Although most of the popular social media sites and apps have their problems with harassment and cyberbullying, Twitter has earned a reputation as a haven for online bullies and abuse. To combat this, Twitter recently announced a slew of new tools and features that it hopes will crack down on instances of cyberbullying on its site. These features include the automatic collapsing of potentially abusive or “low-quality” tweets in conversations (“low-quality” was defined by Twitter’s VP of Engineering, Ed Ho, as duplicate messages and automated content), the introduction of a “safe search” function and a new reporting tool that is designed specifically for those who are experiencing targeted harassment. The “safe search” feature is intended to prevent abusive tweets as well as tweets from anyone a user has blocked or muted from showing up in a search; it’s important to note that the tweets can still be seen if a user goes looking for them. In addition to these new site functions, Twitter staffers are also working behind the scenes to prevent serial abusers from being able to create new accounts.
Twitter has often been criticized for its free speech policies also making it the perfect target for trolls, cyberstalkers and other types of cyberbullies, so it’s definitely good to see steps being taken to try and reverse that reputation. It’s important for users to be vigilant about reporting harassment and abuse when it happens, using the tools provided by Twitter and other social media sites to bring administrators awareness of negative situations with other users. Parents should keep an open dialogue with their children about safe, responsible social media use and look out for signs of cyberbullying, especially as most teens have reported experiencing it in recent years and sites like Twitter often don’t do as well as they should at preventing this type of harassment.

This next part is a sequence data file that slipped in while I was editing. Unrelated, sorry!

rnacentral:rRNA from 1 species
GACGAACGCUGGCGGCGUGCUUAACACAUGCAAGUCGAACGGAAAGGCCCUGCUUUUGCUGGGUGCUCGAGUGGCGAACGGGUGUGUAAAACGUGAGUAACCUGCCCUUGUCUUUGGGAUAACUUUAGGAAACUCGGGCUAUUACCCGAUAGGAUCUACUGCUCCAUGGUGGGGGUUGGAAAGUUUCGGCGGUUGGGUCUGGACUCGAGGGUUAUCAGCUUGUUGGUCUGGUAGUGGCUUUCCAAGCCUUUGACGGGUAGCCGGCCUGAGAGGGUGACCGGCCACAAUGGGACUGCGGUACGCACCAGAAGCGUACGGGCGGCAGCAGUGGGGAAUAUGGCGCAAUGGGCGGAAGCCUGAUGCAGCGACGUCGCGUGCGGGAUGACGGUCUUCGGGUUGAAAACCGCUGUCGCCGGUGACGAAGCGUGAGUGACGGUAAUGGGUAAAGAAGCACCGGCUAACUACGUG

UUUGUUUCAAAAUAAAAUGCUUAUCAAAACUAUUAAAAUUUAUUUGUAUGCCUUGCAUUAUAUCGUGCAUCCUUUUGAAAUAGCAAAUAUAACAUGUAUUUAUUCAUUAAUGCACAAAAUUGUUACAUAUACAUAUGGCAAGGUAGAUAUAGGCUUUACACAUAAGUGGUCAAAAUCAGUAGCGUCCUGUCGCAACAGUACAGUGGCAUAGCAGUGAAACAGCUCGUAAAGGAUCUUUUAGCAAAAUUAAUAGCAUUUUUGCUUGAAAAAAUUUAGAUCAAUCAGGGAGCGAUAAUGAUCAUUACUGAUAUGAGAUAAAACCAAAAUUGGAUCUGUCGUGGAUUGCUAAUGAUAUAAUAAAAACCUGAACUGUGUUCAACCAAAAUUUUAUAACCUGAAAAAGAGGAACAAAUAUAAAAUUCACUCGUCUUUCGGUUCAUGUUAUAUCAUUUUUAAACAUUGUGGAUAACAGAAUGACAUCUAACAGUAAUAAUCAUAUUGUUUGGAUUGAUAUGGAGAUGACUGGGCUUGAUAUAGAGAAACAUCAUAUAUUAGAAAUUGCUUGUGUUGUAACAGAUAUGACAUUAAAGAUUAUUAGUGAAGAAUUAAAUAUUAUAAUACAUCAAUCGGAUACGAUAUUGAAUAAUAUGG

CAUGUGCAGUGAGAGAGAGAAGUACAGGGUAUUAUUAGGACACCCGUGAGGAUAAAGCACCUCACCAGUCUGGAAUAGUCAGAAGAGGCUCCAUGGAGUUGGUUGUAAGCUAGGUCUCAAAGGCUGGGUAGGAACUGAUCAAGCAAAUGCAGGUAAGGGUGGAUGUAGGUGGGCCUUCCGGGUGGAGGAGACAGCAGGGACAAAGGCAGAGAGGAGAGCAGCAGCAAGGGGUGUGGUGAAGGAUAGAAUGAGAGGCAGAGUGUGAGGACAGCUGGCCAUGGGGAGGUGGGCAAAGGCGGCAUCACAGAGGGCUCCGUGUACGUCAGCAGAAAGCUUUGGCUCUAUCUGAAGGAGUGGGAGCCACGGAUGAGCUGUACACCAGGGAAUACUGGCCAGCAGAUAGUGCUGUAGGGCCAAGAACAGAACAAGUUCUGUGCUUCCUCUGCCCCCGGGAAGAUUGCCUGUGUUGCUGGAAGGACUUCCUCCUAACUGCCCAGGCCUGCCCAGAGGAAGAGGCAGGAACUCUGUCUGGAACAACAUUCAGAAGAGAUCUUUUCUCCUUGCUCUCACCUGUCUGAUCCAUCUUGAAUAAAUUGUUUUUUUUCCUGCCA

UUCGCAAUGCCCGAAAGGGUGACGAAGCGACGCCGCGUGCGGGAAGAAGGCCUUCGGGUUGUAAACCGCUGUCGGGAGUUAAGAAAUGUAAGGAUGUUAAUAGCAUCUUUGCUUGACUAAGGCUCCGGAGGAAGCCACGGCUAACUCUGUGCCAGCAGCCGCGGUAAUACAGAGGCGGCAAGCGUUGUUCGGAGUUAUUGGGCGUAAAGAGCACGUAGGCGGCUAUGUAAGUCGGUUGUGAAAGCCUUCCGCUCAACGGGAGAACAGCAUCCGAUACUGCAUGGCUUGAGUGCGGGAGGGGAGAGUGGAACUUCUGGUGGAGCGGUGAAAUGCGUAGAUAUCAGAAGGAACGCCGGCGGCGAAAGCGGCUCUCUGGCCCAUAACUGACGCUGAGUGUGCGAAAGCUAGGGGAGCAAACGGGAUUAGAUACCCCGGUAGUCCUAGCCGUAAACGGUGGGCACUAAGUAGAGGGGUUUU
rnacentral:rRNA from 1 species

Email Privacy Act is back for a second attempt at becoming a law
One of the problems with how quickly technology evolves is that the law often struggles to catch up. This is evident in the case of the Email Privacy Act, a bill is designed to close a loophole in the 1986 Electronic Communications Privacy Act. Although the bill passed through the U.S. House of Representatives last April, it stalled in the Senate. Now, after another year and some modifications, the bill has once again been passed by the House, in a stunning unanimous 419-0 vote that shows a level of bipartisanship practically unheard of these days. The Email Privacy Act requires law enforcement to obtain a warrant before forcing technological companies to hand over a customer’s email or other electronic communications, no matter how old they are. This closes a loophole in the older act which allows the use of a subpoena to obtain emails older than 180 days — something that was clearly written and intended for a technological reality quite different from the one we live in today. This bill was pushed back for quite a few years due to multiple law enforcement agencies trying to argue for provisions, as well as some cybersecurity proponents fighting against elements they didn’t like — and unfortunately, due to recent events, it may be at risk of stalling in the Senate once again.
Privacy is harder and harder to come by, and it’s important that our laws change to reflect the daily needs of the society they protect. Just last year, we saw how sticky things can get when it comes to law enforcement and technology, as Apple went head-to-head against the FBI over an encrypted iPhone. It is unlikely that this will be the last instance like this that we’ll see, and no doubt more legislation will be introduced in the coming months and years aimed to change our privacy and security standards with regard to the Internet and technology. The best weapon consumers can have is information, which is why it’s so important to stay up to date and educated on what’s happening with your privacy, as well as how you can protect yourself.